Wabi-sabi: The Japanese Ideal That Changes Everything

The trickling of fresh water and the smoothness of a river stone, the smell of fresh herbs or the steam off a hot cut of tea, the crackling paint on the side of an old building or the harsh lines of a contemporary skyscraper – the daily sights, smells, sounds, tastes and textures that we take in around us, are all part of wabi-sabi.

You may be wondering what wabi-sabi is?

Pottery Explains it All

I remember visiting a pottery kiln in Southern Japan in a mountain town called Okawachiyama. I walked through the old warehouse where they showed me the complex process of their family-owned business, known to produce high quality pieces.

The floor was dirt. The original structure, not rebuilt nor modified in centuries, had drying pieces of pottery lifted up on 2×4 wood slats that were hoisted onto the beams, which ran across the warehouse. The clay was mixed by hand and then sat to age for some time in the corner. Men were at the pottery wheels and woman at painting stations, highly concentrated on their tasks as I passed by. The detail of their work was astonishing!

But that was not what surprised me most. I walked into the firing room where a huge oven was erected, able to fit at least 10 grown men inside. It was crafted out of stone and bricks and rose up past the rafters, to create a chimney out of the roof. It was also original to the founders. There were several guys chipping away at single bricks near the front of the kiln with what seemed to original tools as well… I asked what they were doing? They responded that it was “part of the process.”

What I came to learn is that each time a group of pottery is fired, they walk inside the oven and arrange the pieces inside special containers. Then they close it up in this manual fashion – stacking bricks one by one to seal the door… each and every time.

But that’s not all.  They feed the fire of this original oven with wood. And to keep it at the precise temperature, they feed one kindling in at a time through a tiny hole…for 13 hours straight, every 3 minutes. Insanity?…or wabi-sabi?

I looked at them with confusion as the owner explained. My efficient, American training was disgusted at first thought of how crazy it was to never upgrade a centuries-old oven or the process.

Yet, I started to change my views as he spoke on. “We do it as a form of a wabi-sabi,” he said gently. “We do it to respect the tradition…we are artists. The process is a part of the art.”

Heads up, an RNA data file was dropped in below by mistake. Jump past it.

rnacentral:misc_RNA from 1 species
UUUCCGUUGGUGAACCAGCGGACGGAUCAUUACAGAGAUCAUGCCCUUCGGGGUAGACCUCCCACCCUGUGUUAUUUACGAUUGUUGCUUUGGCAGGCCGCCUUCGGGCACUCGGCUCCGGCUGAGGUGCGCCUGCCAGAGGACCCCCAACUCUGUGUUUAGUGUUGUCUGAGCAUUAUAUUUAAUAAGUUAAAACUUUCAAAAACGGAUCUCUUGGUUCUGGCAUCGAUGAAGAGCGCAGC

What he said was extremely profound at that moment as I started to understand the rest of the “artists” I had encountered during my trip in Japan thus far.  Every Japanese was to themselves an artist, and the work that they chose in life was either passed down from generations or chosen out of passion. The process was revered. From the fisherman, to the sushi chef, to the inn-keeper, to the waitress – they were all practicing the traditions of their art form with the utmost respect.

This respect  for the small details in Japan leads even further, as wabi-sabi becomes about honoring the small “ugly” parts of life, or the simple memories that so many of us take for granted. It is a reminder to cherish every opportunity to enjoy good company with friends and honored guests. It is from peace and fellowship that the true idea of wabi-sabi flows.

Seeing With New Eyes

It’s hard for me to comprehend how this passion and reverence for the small details of life can be bred into its people, generation after generation. It’s certainly not something I take for granted as an American where speed is king. And, where less than ideal occupations, such as working in a noodle shop, are not seen as “art.”

However, I am absolutely blessed to have had a lesson in gratitude at that pottery kiln that day in Okawachiyama, and a new outlook on the rest of my journey through Japan. From the sticky rise in the sushi, to the packed train in Tokyo, to the strange smells, sights and sounds that were less than pleasing at times – they were all art because they were part of people’s lives. Suddenly the calligraphy writer and the sake bottlers on a warehouse floor were all much more fascinating to learn about, once I traveled with new open eyes

My hope for all of us today is to stop and be present as we carry on our days. How does the light crack in through your windows in the morning? What interesting activity do you pass on your way to work? No matter what your day looks like, how can you see your tasks today as a form of art?

It may not be glamorous today, but it’s the sounds, sights and experiences of your life. Even more importantly it’s the fellowship you have with friends and family – and that’s worth being thankful for. Let’s make our interactions with those around us full of intention and detail today.


Feature Photo Credit: Thinkstock/iStock/cococinema

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